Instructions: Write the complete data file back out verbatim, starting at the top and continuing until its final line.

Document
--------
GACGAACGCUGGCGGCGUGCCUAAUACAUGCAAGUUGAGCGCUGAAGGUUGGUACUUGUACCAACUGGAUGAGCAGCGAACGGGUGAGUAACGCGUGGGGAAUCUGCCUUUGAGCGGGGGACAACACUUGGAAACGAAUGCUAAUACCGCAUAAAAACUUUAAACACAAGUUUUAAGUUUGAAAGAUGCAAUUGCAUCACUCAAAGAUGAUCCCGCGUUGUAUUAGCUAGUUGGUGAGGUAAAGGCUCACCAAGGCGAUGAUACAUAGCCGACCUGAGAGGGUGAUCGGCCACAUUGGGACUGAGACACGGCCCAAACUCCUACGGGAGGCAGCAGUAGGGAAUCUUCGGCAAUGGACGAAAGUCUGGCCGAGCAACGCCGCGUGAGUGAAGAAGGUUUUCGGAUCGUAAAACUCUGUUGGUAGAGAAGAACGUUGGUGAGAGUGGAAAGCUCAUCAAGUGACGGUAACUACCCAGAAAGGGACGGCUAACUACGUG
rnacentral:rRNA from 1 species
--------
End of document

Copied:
GACGAACGCUGGCGGCGUGCCUAAUACAUGCAAGUUGAGCGCUGAAGGUUGGUACUUGUACCAACUGGAUGAGCAGCGAACGGGUGAGUAACGCGUGGGGAAUCUGCCUUUGAGCGGGGGACAACACUUGGAAACGAAUGCUAAUACCGCAUAAAAACUUUAAACACAAGUUUUAAGUUUGAAAGAUGCAAUUGCAUCACUCAAAGAUGAUCCCGCGUUGUAUUAGCUAGUUGGUGAGGUAAAGGCUCACCAAGGCGAUGAUACAUAGCCGACCUGAGAGGGUGAUCGGCCACAUUGGGACUGAGACACGGCCCAAACUCCUACGGGAGGCAGCAGUAGGGAAUCUUCGGCAAUGGACGAAAGUCUGGCCGAGCAACGCCGCGUGAGUGAAGAAGGUUUUCGGAUCGUAAAACUCUGUUGGUAGAGAAGAACGUUGGUGAGAGUGGAAAGCUCAUCAAGUGACGGUAACUACCCAGAAAGGGACGGCUAACUACGUG
rnacentral:rRNA from 1 species